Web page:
A lone sticky note reading “6.11-6.17 – Writing Tests” arrived on my desk one morning. This was all the notice I had. I didn’t know what grades, or what subject, or why it was starting on a Wednesday. But I knew that somehow I was involved.
Through many different people and nonchalant conversations, I learned it would take 20 minutes of my class time for students to do the writing tests. What kind of writing test was unknown. I would do 3rd grade one week and 1st and 2nd grade all of the next week.
“We’re doing them in your class” my coteachers all said, which should’ve given me a clue.
But sometimes the “conversation English class” (my class) is seen as a joke. Both by students, parents and admin. It’s not preparing students for the college entrance exam. Thus it’s not preparing students for anything. I’ve actually had a class interrupted by coffee and snacks – the teachers needed to have a big meeting in my classroom. So in came the kettles, coffee cups and chairs.
This was one time. But when they said “we’ll be taking the test during your class” – I read between the lines: “we can’t interrupt any other class.”
On Teachers Day, one of my classes was interrupted by writing letters to homeroom teachers. But writing all in Korean. So “writing test” could have meant a Korean writing test. I really didn’t know.
A few minutes before it began, I tracked down my co-teacher. “So, uh, what should I do?” I was hoping ‘you can just lesson plan and I’ll come get you later’ would be the answer. But alas: “You can stand in the back of the room.”
Cool. I will stand in the back of the room.
I watched students begin to write in English – finally answering my question of what test I was even supervising. 4 students pushed the paper away without even trying and went to sleep on their desks. One boy, a “special child” like they like to say, looked at me, then at his paper. And then back at me. Why was he even there?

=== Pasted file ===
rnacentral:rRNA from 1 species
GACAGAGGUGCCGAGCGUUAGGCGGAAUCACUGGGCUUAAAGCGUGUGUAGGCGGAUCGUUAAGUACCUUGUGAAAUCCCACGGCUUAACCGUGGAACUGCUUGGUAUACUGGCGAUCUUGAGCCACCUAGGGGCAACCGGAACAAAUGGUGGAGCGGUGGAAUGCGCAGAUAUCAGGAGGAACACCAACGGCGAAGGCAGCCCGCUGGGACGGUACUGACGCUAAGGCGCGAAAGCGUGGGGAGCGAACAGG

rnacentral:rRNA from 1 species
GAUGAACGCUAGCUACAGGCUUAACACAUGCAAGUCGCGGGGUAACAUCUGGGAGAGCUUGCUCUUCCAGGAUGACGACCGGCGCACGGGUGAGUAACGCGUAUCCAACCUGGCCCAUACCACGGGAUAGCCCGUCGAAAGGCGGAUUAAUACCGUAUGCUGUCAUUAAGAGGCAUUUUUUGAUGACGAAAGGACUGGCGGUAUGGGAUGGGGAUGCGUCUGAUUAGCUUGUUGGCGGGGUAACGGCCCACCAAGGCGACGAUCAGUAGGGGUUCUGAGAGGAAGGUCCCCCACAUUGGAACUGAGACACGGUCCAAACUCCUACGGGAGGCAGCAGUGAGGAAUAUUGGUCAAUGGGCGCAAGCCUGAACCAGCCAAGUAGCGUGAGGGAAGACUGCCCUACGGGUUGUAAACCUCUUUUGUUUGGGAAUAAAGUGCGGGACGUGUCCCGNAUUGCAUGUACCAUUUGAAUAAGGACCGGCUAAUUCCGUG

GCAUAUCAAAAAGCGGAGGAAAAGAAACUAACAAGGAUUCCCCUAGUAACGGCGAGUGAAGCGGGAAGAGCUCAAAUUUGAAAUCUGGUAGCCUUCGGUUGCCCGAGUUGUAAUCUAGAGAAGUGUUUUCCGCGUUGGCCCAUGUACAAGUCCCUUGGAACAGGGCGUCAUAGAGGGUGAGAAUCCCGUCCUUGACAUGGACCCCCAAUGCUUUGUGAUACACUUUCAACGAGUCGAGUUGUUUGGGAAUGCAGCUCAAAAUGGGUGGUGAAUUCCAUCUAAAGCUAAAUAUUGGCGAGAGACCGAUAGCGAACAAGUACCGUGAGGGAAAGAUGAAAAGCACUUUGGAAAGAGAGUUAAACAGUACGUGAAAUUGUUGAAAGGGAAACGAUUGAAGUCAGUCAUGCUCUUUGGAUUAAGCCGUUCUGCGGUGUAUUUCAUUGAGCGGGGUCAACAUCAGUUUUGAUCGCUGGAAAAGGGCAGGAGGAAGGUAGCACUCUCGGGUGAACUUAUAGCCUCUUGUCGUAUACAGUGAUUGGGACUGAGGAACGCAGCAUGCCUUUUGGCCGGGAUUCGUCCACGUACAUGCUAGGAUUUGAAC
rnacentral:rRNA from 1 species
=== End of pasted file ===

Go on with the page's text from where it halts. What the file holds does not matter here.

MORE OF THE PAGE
As I vigilantly watched, I began to wonder: who will be grading these? Andrew? My coteacher? A side of me wondered if I would, but it seemed far-fetched. When the midterms happened, I wasn’t included in the grading even after they had to re-grade it after complaints.
The test finally ended. My coteacher shuffled the papers into place and walked me out of the room.
“Yewon Teacher was supposed to tell you that you’ll be grading these.”
Of course I will. I thought. I wasn’t mad, I think deep down I knew it would be my job.
So in that moment I was charged with grading over 800 writing tests. I had no idea what the criterion were and in the end I had to re-read many of them after I was told what I should be reading for. As of writing this, I think I have finished grading about 650.
While grading them I ran into many problems. Students would write a perfect essay but make one or two mistakes. Thus they had to get 9/10. Which I thought was crap because a different student could make countless spelling and grammar mistakes, but as long as they stuck to the prompt and wrote 50-70 words they too would get a 9/10. So I’ve argued to my co-teachers that we need to change the criteria to allow for X number of mistakes before the student can lose a point. To my disbelief they have actually allowed this, so I have single-handedly argued for almost 50 students to get the perfect score they deserve.
Perfect scores are rare and discouraged here. Chris has been doing speaking tests this past week and when one teacher saw his 10, 10, 10, 9 etc over his shoulder they decided it was “too many” and that Chris was grading wrong. Forgive him if the students are actually doing well !?
So by my arguing to give more points, my school has shown a very logical and compassionate side that I actually wasn’t expecting.